As a young girl, Celia Bowen is delivered to the father she never knew, a world famous magician whose secret is that his show is genuine magic - not illusions. He teaches Celia to manipulate the world in the same way so that she can compete in a high-stakes game against Marco, an orphan similarly trained by her father's nemesis. The arena for this game is an elaborate, surreal circus. Neither Celia nor Marco knows the extent of the game, nor their opponent, until they have fallen in love with ea As a young girl, Celia Bowen is delivered to the father she never knew, a world famous magician whose secret is that his show is genuine magic - not illusions. He teaches Celia to manipulate the world in the same way so that she can compete in a high-stakes game against Marco, an orphan similarly trained by her father's nemesis. The arena for this game is an elaborate, surreal circus. Neither Celia nor Marco knows the extent of the game, nor their opponent, until they have fallen in love with each other. I am going to blow the mind of everyone who gave this book five stars. My biggest problem with it was how badly Erin Morgenstern broken the cardinal rule of creative writing: show, don't tell. I will 100% agree that Morgenstern did an incredible job describing the wonder and magic of the circus. Her elaborate descriptions of magical tents and off-beat performers initially drew me in, though I worried about how long-winded and verbose some of her descriptions could be. Morgenstern's problem is that the plot and character development takes places mostly through dialogue and not action. Most of the significant plot twists were revealed by one character telling another, which took most of the suspense out of the story. I had the same problem with the character development. There was practically no exposition to give insight into these characters, no sense that they acted with reason beyond the need to make the story do what Morgenstern wanted. They didn't feel real. And the love story? Please. Dear Ms. Morgenstern: I do not believe two characters are in love simply because they say they are. They should act as though they are falling in love. Celia and Marco declare intense feelings for each other the first time they meet one another. The result is a juvenile, melodramatic, and inauthentic "romance" that I couldn't bring myself to care about. It's just like my friend's fourteen year old sister who declares her world-ending love for a different boy each week: "This one's different. It's real. I swear." Similarly, it bothered me that the high-stakes battle unfolded in the form of Celia and Marco conjuring magical tents for each other...from afar. She did it from the center of the circus, where she was one of its main attractions, and he did it from London, where he worked as the assistant of one of the founders. I was expecting a dangerous, breathtaking game of one-upsmanship along the lines of the movie The Prestige. I know that the distance between Celia and Marco was necessitated by Morgenstern's love story, but it hardly made the game feel Life-and-Death. There was no suspense, so urgency, and really no sense of competition at all. Celia and Marco kept being told that they had to be careful and they had to up their game and that the battle would be coming to a head soon....but nothing ever seemed to come of these warnings. I never once worried that one of them was in danger. I would give Morgenstern four stars for imagination and creativity, but her execution falls flat. If you want to read this solely for the descriptions of the circus and the magic, I'm sure you will enjoy this book a lot. If you're looking for a well-told story, look elsewhere.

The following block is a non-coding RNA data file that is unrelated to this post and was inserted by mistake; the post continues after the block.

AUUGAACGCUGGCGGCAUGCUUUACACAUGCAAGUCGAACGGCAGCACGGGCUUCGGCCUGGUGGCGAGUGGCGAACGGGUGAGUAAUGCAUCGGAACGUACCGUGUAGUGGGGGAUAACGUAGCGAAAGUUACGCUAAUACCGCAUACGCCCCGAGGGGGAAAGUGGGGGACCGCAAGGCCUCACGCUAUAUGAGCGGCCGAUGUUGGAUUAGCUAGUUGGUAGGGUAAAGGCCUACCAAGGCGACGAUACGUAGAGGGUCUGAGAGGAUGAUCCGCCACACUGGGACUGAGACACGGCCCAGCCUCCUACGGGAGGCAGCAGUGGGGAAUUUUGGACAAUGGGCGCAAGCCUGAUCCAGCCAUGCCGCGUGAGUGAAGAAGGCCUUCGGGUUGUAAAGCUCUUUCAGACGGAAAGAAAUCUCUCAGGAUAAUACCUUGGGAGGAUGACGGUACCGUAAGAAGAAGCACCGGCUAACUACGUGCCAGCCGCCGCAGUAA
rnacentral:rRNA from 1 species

16. 5 out of 5

    Hailey (Hailey in Bookland)